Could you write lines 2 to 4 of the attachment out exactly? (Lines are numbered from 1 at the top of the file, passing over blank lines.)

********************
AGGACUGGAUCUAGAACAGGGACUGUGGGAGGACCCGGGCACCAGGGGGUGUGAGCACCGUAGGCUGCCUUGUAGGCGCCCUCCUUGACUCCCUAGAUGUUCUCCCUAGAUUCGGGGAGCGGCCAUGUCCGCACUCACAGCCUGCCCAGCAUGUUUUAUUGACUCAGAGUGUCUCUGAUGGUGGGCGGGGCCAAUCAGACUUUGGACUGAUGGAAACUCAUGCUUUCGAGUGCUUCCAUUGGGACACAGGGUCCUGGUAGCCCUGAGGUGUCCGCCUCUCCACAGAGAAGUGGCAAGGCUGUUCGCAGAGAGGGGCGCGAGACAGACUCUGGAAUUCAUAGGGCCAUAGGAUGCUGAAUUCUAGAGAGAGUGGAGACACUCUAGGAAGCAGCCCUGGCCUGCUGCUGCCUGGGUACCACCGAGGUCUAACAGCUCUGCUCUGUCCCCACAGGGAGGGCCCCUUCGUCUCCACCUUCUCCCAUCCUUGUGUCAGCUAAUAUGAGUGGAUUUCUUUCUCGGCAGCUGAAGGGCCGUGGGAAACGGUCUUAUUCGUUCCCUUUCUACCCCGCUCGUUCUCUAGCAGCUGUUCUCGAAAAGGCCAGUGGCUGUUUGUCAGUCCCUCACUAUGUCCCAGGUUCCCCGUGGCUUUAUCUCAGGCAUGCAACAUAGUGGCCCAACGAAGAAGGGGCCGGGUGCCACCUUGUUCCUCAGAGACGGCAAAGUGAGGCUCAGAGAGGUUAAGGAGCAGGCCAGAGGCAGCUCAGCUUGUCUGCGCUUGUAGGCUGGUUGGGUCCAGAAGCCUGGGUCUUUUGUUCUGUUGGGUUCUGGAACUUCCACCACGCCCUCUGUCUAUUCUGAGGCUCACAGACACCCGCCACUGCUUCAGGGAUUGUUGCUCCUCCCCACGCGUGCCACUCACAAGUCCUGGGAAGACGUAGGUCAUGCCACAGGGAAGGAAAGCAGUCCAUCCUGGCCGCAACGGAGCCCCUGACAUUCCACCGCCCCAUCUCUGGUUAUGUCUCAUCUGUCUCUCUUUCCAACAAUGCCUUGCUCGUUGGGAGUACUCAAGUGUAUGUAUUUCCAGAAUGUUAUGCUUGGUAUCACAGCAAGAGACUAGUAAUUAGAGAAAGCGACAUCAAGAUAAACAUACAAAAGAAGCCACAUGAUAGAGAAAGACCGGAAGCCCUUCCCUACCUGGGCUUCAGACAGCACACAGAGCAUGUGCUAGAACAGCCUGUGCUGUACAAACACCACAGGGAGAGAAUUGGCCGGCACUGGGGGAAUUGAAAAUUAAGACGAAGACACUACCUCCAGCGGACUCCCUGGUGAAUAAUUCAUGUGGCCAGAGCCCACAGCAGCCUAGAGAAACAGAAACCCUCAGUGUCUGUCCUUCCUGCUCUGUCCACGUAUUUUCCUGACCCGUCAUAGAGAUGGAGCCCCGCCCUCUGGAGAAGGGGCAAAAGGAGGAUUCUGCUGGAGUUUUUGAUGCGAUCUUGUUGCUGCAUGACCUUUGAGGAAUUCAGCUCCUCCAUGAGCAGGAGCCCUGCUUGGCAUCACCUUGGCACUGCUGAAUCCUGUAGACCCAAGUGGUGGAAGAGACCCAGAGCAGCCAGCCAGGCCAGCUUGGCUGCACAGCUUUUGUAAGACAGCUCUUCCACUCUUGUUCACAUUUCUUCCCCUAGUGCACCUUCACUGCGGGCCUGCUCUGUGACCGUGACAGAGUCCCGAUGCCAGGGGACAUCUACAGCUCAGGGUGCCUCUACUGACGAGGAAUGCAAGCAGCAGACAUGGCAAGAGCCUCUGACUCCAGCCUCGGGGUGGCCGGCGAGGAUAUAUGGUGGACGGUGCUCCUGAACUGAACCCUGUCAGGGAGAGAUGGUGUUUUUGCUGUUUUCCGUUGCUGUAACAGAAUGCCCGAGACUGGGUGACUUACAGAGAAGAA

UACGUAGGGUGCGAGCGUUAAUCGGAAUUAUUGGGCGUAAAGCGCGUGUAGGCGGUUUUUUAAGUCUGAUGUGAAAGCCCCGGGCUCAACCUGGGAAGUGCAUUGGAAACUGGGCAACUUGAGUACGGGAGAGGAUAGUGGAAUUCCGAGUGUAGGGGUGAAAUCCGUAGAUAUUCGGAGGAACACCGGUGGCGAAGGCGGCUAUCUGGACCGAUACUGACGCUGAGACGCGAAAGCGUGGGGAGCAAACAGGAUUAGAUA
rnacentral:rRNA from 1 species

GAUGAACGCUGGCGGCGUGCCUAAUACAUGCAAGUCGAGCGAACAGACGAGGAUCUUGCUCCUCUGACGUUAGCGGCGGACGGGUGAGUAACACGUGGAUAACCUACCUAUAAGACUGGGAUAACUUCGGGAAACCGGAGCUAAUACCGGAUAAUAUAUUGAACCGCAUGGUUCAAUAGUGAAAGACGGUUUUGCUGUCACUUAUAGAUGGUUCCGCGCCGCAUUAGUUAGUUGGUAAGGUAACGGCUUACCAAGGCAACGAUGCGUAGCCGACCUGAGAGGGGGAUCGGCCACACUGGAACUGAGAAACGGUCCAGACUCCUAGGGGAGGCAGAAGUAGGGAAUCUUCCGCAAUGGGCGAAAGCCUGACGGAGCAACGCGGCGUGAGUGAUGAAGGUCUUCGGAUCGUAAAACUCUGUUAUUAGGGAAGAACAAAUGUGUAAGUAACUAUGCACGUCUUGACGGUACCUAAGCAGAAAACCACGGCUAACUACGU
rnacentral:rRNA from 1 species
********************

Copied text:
UACGUAGGGUGCGAGCGUUAAUCGGAAUUAUUGGGCGUAAAGCGCGUGUAGGCGGUUUUUUAAGUCUGAUGUGAAAGCCCCGGGCUCAACCUGGGAAGUGCAUUGGAAACUGGGCAACUUGAGUACGGGAGAGGAUAGUGGAAUUCCGAGUGUAGGGGUGAAAUCCGUAGAUAUUCGGAGGAACACCGGUGGCGAAGGCGGCUAUCUGGACCGAUACUGACGCUGAGACGCGAAAGCGUGGGGAGCAAACAGGAUUAGAUA
rnacentral:rRNA from 1 species

GAUGAACGCUGGCGGCGUGCCUAAUACAUGCAAGUCGAGCGAACAGACGAGGAUCUUGCUCCUCUGACGUUAGCGGCGGACGGGUGAGUAACACGUGGAUAACCUACCUAUAAGACUGGGAUAACUUCGGGAAACCGGAGCUAAUACCGGAUAAUAUAUUGAACCGCAUGGUUCAAUAGUGAAAGACGGUUUUGCUGUCACUUAUAGAUGGUUCCGCGCCGCAUUAGUUAGUUGGUAAGGUAACGGCUUACCAAGGCAACGAUGCGUAGCCGACCUGAGAGGGGGAUCGGCCACACUGGAACUGAGAAACGGUCCAGACUCCUAGGGGAGGCAGAAGUAGGGAAUCUUCCGCAAUGGGCGAAAGCCUGACGGAGCAACGCGGCGUGAGUGAUGAAGGUCUUCGGAUCGUAAAACUCUGUUAUUAGGGAAGAACAAAUGUGUAAGUAACUAUGCACGUCUUGACGGUACCUAAGCAGAAAACCACGGCUAACUACGU